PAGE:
3. This analysis comes from a nationally representative and highly respected study that has added measures relevant to dementia identification in recent years. It is very carefully conducted research. These findings are very much in line with findings from another highly respected U.S. study (Framingham). Whilst its design is different from our own in the U.K., the findings are very similar to ours in the Cognitive Function and Ageing Study I and II published a couple of years ago, and also are in line with some of those we synthesized in the European review of studies across time. This study suggests, again, that a substantial drop in prevalence across time has occurred, such that at any given age an older person now is less likely to meet criteria for dementia than a similarly aged person a decade and more ago, leading to a reduction in age-specific prevalence. The possible reasons are not fully known but, using the wide and robust evidence on known risk for dementia as well as changes in profiles of population health (dramatic reductions in stroke and heart attacks), it seems likely that improvements across the whole life course, including education, nutrition, reduction in smoking, better management of vascular risk and diseases, all are likely to have made a contribution.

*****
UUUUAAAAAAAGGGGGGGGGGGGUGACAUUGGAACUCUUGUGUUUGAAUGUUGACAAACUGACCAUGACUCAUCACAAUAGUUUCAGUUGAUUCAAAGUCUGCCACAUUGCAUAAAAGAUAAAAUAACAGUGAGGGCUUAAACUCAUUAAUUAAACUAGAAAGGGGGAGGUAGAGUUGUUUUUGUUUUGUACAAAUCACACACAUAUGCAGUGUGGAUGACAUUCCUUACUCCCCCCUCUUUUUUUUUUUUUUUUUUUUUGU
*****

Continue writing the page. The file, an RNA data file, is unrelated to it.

In other words there have been major intergenerational influences on health, and dementia is not exempt from such changes despite its very close association with age. The underlying neurobiology of dementia is likely to be a complex interplay of age, genetic risk for specific protection or risk trajectories (large, small, and interactions), life course risk/protection behaviors such as education and smoking, compensatory or reserve factors, and other exposures. We know that education is associated with compensation so that more people with higher education given a particular level of Alzheimer’s-type neuropathology can die without developing dementia, compared to those with lower levels of education. Thus we continue to learn the lesson that late-life dementia is not straightforward, nor is it likely to be amenable to simple solutions. We need to understand the influences that have led to the changes observed and also to ensure that policy makers who can influence the life course of the population's brain health are aware that policies and practice many decades ago seem to be playing out now, and current policies should be assessed for their potential to maintain and continue such positive trends.

    These findings are not likely to be the same in lower- and middle-income countries where life course experiences are very different across the generations.  

    View all comments by Carol Brayne

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  1. U.S. Dementia Rates Fall